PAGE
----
1. I do believe I have seen this plot device before. It offers much potential for subsequent unfolding of a police investigation after someone (e.g., hikers, park rangers) discovers the body, or the man’s disappearance is reported by an employer or friends (possibly by a new, hopeful, girlfriend). It can even be developed as a complete fantasy (or dream) that ultimately dissuades someone from taking a murderous course of action and convinces them to pursue instead some more constructive course, in a surprise ending. I seem to recall another alternative in an episode of “The Outer Limits” that incorporated something similar into a sci-fi mental-disfunction treatment scenario whereby someone was compelled to experience such a fantasy (in multiple variations) in order to accomplish their rehabilitation.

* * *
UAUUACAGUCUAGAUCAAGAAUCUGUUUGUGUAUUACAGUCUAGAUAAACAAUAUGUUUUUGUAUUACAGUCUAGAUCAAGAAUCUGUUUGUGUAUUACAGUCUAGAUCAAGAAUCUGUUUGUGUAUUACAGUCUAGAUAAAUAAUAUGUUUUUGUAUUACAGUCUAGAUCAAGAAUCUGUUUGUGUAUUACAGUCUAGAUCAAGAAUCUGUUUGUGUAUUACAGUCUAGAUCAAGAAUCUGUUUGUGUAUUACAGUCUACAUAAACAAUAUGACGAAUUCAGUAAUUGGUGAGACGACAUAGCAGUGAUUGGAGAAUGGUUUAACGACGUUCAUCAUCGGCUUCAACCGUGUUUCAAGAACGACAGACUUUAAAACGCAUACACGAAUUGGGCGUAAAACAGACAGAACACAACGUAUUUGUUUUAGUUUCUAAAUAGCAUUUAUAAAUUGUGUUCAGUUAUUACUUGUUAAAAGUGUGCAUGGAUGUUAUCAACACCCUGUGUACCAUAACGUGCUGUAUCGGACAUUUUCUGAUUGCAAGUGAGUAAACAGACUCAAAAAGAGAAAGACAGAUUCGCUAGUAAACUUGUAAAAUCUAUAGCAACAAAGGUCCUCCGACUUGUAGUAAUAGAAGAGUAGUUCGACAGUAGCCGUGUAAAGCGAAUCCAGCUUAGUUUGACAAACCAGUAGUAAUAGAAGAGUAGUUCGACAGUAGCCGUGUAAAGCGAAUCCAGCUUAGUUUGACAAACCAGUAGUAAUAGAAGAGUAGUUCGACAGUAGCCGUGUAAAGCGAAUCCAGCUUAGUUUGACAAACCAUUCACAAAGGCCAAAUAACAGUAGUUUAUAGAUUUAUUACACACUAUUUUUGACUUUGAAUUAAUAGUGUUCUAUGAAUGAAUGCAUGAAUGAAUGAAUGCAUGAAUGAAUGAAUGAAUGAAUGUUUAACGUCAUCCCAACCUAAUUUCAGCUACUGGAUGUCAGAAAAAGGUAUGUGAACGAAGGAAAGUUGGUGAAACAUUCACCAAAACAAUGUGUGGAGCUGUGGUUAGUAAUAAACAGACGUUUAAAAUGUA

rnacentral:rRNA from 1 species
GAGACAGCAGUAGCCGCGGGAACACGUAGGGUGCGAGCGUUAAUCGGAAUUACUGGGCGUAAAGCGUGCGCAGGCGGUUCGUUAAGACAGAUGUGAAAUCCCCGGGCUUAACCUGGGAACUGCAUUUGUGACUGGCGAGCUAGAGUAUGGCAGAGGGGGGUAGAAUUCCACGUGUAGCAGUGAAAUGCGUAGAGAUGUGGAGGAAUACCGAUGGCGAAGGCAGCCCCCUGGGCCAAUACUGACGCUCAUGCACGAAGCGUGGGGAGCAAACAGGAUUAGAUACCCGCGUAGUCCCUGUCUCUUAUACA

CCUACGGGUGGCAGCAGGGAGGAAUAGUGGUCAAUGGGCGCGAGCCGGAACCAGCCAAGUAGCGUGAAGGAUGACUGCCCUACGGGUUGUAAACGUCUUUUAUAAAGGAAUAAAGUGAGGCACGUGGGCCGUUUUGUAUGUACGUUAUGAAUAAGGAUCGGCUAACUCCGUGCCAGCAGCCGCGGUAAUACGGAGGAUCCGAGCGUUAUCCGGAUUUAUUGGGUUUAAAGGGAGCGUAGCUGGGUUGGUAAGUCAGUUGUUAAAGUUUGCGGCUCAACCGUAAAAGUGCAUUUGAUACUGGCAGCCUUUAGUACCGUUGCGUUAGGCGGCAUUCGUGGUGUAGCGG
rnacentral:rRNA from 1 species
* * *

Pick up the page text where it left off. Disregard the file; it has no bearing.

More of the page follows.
• On further reflection, I imagine a prescription for a course of treatments using the sci-fi therapy capability mooted above. The patients would include all three characters, Julie, Grant, and Dallas. Each would be required to experience the entire scenario as seen through the eyes of the other two patients in addition to their own perspective, beginning with the events leading to the violent encounter between Dallas and Julie, continuing with that encounter, the subsequent conversation between Julie and her brother Grant in which he learns of and observes her injuries, the planning of the camping trip between Grant and Dallas, the murderous encounter between them, and the subsequent investigation and revelation of whether Julie was unaware or complicit in the murder (and perhaps the trial, incarcerations, and any execution scenes, as well). The scene you described above, James, would be the introduction to the story; the details of which would unfold along with their precursory background during the various replays experienced by each character.